Pride parade shuns CDU over gay marriage
Published: 24 Apr 2013 11:47 GMT+02:00
Updated: 24 Apr 2013 11:47 GMT+02:00
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The CDU would be excluded from the event this year because of certain politicians' "undignified" and "indecent" remarks arguing against marriage and equality for gay couples in recent debates, said parade organizer Robert Kastl in a statement on Tuesday.
The chancellor's conservative party reject same-sex marriage and have been dragging its feet over implementing a demand by Germany's highest Constitutional Court to grant gay and lesbian couples the same tax breaks and adoption rights as straight married couples.
On Saturday June 22, hundreds of thousands of people are expected to attend the Christopher Street Day parade in Berlin, along with smaller events across Germany and Switzerland. Last year, organizers said 700,000 people attended in the German capital alone.
And this year's parade, set to take place just three months ahead of national elections, could get highly political, said Kastl in his statement, released on the day politicians voted to legalize gay marriage in neighbouring France.
In protest against the CDU's stance, this year's parade will be motto: "No more empty speeches! Demonstrate! Vote! Change!"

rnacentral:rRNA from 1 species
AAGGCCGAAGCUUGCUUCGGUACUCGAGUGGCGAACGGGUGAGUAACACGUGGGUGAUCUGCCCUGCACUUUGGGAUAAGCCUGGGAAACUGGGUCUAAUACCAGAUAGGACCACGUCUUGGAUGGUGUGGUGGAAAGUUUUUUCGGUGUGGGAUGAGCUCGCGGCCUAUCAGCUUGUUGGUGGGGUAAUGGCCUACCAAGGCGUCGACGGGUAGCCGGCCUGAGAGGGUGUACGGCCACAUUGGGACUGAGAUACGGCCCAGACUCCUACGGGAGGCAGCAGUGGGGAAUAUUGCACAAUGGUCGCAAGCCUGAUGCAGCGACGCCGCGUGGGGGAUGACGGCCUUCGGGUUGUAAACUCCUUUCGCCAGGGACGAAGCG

Same-sex marriage supporters have celebrated several successes this year, with not only France, but also Uruguay and New Zealand becoming the latest to join 14 countries worldwide in which gay and lesbian couples can marry.
British MPs voted in February for a bill allowing same-sex marriage in the UK, even though the Conservative Party is in power.
In Germany at the end of March, the Bundesrat upper house of parliament passed an initiative to allow gays to marry, which has yet to be put before the Bundestag lower house of parliament.
While the CDU will be denied its usual big float, organizers welcomed members of the LSU gay and lesbian party sub-group and all those who clearly reject their party's position to participate.
The Christopher Street Day parades commemorate the Stonewall uprising of June 28, 1969, when police harassment at a New York gay bar sparked five days of rioting that launched the US gay rights movement.